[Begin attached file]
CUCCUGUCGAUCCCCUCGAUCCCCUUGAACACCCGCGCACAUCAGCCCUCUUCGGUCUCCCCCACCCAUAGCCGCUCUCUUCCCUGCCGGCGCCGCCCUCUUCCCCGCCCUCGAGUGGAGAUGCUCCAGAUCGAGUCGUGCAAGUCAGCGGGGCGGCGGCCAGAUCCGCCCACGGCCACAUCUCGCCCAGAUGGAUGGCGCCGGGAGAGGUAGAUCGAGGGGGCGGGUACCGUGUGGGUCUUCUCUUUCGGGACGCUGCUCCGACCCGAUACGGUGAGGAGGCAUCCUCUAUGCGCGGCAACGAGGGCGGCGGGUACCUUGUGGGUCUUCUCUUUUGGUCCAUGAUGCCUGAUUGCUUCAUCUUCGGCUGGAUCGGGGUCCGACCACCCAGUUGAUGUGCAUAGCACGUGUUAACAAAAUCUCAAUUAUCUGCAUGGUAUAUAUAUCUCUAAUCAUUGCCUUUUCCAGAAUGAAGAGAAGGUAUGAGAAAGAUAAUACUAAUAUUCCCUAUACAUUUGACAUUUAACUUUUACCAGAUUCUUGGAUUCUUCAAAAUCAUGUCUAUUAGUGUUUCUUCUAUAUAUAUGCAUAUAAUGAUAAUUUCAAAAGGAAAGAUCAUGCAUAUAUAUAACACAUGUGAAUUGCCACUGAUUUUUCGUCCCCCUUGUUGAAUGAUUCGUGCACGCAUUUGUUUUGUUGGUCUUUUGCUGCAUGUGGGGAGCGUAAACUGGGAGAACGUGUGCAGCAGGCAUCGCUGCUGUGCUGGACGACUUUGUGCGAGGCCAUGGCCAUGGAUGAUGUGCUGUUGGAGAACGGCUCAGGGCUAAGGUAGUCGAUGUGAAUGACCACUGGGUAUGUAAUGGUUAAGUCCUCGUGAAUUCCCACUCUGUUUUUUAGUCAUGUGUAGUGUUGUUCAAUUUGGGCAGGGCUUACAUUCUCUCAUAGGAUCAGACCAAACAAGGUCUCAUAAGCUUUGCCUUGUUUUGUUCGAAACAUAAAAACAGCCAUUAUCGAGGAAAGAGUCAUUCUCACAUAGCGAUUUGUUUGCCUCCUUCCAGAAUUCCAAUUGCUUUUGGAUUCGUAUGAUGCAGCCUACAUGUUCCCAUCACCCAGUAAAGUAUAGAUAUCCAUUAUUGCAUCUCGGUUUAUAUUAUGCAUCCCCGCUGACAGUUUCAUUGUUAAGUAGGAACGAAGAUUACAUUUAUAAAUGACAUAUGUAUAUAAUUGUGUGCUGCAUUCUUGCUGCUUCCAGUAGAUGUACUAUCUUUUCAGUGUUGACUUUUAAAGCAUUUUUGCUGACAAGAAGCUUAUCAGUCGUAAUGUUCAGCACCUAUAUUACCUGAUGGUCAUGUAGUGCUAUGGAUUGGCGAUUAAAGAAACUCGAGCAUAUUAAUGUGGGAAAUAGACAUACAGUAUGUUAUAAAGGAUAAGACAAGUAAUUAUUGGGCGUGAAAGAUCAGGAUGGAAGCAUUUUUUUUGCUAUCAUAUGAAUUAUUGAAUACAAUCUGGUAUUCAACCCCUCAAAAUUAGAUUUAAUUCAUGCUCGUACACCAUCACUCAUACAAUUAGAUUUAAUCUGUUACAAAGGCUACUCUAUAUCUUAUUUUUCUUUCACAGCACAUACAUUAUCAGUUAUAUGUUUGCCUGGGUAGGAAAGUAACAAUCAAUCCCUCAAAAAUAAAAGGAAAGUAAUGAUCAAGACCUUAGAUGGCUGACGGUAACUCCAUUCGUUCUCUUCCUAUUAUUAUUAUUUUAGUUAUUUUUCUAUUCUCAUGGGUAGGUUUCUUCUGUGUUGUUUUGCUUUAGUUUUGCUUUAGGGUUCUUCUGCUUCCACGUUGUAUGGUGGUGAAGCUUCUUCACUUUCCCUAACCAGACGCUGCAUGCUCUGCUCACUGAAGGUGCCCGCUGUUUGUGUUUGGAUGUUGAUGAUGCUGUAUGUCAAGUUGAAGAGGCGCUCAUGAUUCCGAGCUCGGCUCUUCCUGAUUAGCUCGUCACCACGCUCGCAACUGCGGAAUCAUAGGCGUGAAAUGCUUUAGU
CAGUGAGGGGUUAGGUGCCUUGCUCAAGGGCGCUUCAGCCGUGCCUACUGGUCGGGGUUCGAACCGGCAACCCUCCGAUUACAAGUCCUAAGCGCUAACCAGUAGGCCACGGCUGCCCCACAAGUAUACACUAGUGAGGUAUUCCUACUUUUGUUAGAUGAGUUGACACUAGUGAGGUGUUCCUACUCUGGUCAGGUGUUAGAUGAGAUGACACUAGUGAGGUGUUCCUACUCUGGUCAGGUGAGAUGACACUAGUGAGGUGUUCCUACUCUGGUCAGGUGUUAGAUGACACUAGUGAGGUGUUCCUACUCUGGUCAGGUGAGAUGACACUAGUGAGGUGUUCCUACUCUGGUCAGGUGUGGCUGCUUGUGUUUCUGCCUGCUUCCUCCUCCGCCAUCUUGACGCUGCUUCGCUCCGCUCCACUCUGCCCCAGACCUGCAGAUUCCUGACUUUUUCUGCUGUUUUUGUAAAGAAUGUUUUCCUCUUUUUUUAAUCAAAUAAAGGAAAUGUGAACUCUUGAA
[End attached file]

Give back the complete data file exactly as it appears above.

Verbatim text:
CUCCUGUCGAUCCCCUCGAUCCCCUUGAACACCCGCGCACAUCAGCCCUCUUCGGUCUCCCCCACCCAUAGCCGCUCUCUUCCCUGCCGGCGCCGCCCUCUUCCCCGCCCUCGAGUGGAGAUGCUCCAGAUCGAGUCGUGCAAGUCAGCGGGGCGGCGGCCAGAUCCGCCCACGGCCACAUCUCGCCCAGAUGGAUGGCGCCGGGAGAGGUAGAUCGAGGGGGCGGGUACCGUGUGGGUCUUCUCUUUCGGGACGCUGCUCCGACCCGAUACGGUGAGGAGGCAUCCUCUAUGCGCGGCAACGAGGGCGGCGGGUACCUUGUGGGUCUUCUCUUUUGGUCCAUGAUGCCUGAUUGCUUCAUCUUCGGCUGGAUCGGGGUCCGACCACCCAGUUGAUGUGCAUAGCACGUGUUAACAAAAUCUCAAUUAUCUGCAUGGUAUAUAUAUCUCUAAUCAUUGCCUUUUCCAGAAUGAAGAGAAGGUAUGAGAAAGAUAAUACUAAUAUUCCCUAUACAUUUGACAUUUAACUUUUACCAGAUUCUUGGAUUCUUCAAAAUCAUGUCUAUUAGUGUUUCUUCUAUAUAUAUGCAUAUAAUGAUAAUUUCAAAAGGAAAGAUCAUGCAUAUAUAUAACACAUGUGAAUUGCCACUGAUUUUUCGUCCCCCUUGUUGAAUGAUUCGUGCACGCAUUUGUUUUGUUGGUCUUUUGCUGCAUGUGGGGAGCGUAAACUGGGAGAACGUGUGCAGCAGGCAUCGCUGCUGUGCUGGACGACUUUGUGCGAGGCCAUGGCCAUGGAUGAUGUGCUGUUGGAGAACGGCUCAGGGCUAAGGUAGUCGAUGUGAAUGACCACUGGGUAUGUAAUGGUUAAGUCCUCGUGAAUUCCCACUCUGUUUUUUAGUCAUGUGUAGUGUUGUUCAAUUUGGGCAGGGCUUACAUUCUCUCAUAGGAUCAGACCAAACAAGGUCUCAUAAGCUUUGCCUUGUUUUGUUCGAAACAUAAAAACAGCCAUUAUCGAGGAAAGAGUCAUUCUCACAUAGCGAUUUGUUUGCCUCCUUCCAGAAUUCCAAUUGCUUUUGGAUUCGUAUGAUGCAGCCUACAUGUUCCCAUCACCCAGUAAAGUAUAGAUAUCCAUUAUUGCAUCUCGGUUUAUAUUAUGCAUCCCCGCUGACAGUUUCAUUGUUAAGUAGGAACGAAGAUUACAUUUAUAAAUGACAUAUGUAUAUAAUUGUGUGCUGCAUUCUUGCUGCUUCCAGUAGAUGUACUAUCUUUUCAGUGUUGACUUUUAAAGCAUUUUUGCUGACAAGAAGCUUAUCAGUCGUAAUGUUCAGCACCUAUAUUACCUGAUGGUCAUGUAGUGCUAUGGAUUGGCGAUUAAAGAAACUCGAGCAUAUUAAUGUGGGAAAUAGACAUACAGUAUGUUAUAAAGGAUAAGACAAGUAAUUAUUGGGCGUGAAAGAUCAGGAUGGAAGCAUUUUUUUUGCUAUCAUAUGAAUUAUUGAAUACAAUCUGGUAUUCAACCCCUCAAAAUUAGAUUUAAUUCAUGCUCGUACACCAUCACUCAUACAAUUAGAUUUAAUCUGUUACAAAGGCUACUCUAUAUCUUAUUUUUCUUUCACAGCACAUACAUUAUCAGUUAUAUGUUUGCCUGGGUAGGAAAGUAACAAUCAAUCCCUCAAAAAUAAAAGGAAAGUAAUGAUCAAGACCUUAGAUGGCUGACGGUAACUCCAUUCGUUCUCUUCCUAUUAUUAUUAUUUUAGUUAUUUUUCUAUUCUCAUGGGUAGGUUUCUUCUGUGUUGUUUUGCUUUAGUUUUGCUUUAGGGUUCUUCUGCUUCCACGUUGUAUGGUGGUGAAGCUUCUUCACUUUCCCUAACCAGACGCUGCAUGCUCUGCUCACUGAAGGUGCCCGCUGUUUGUGUUUGGAUGUUGAUGAUGCUGUAUGUCAAGUUGAAGAGGCGCUCAUGAUUCCGAGCUCGGCUCUUCCUGAUUAGCUCGUCACCACGCUCGCAACUGCGGAAUCAUAGGCGUGAAAUGCUUUAGU
CAGUGAGGGGUUAGGUGCCUUGCUCAAGGGCGCUUCAGCCGUGCCUACUGGUCGGGGUUCGAACCGGCAACCCUCCGAUUACAAGUCCUAAGCGCUAACCAGUAGGCCACGGCUGCCCCACAAGUAUACACUAGUGAGGUAUUCCUACUUUUGUUAGAUGAGUUGACACUAGUGAGGUGUUCCUACUCUGGUCAGGUGUUAGAUGAGAUGACACUAGUGAGGUGUUCCUACUCUGGUCAGGUGAGAUGACACUAGUGAGGUGUUCCUACUCUGGUCAGGUGUUAGAUGACACUAGUGAGGUGUUCCUACUCUGGUCAGGUGAGAUGACACUAGUGAGGUGUUCCUACUCUGGUCAGGUGUGGCUGCUUGUGUUUCUGCCUGCUUCCUCCUCCGCCAUCUUGACGCUGCUUCGCUCCGCUCCACUCUGCCCCAGACCUGCAGAUUCCUGACUUUUUCUGCUGUUUUUGUAAAGAAUGUUUUCCUCUUUUUUUAAUCAAAUAAAGGAAAUGUGAACUCUUGAA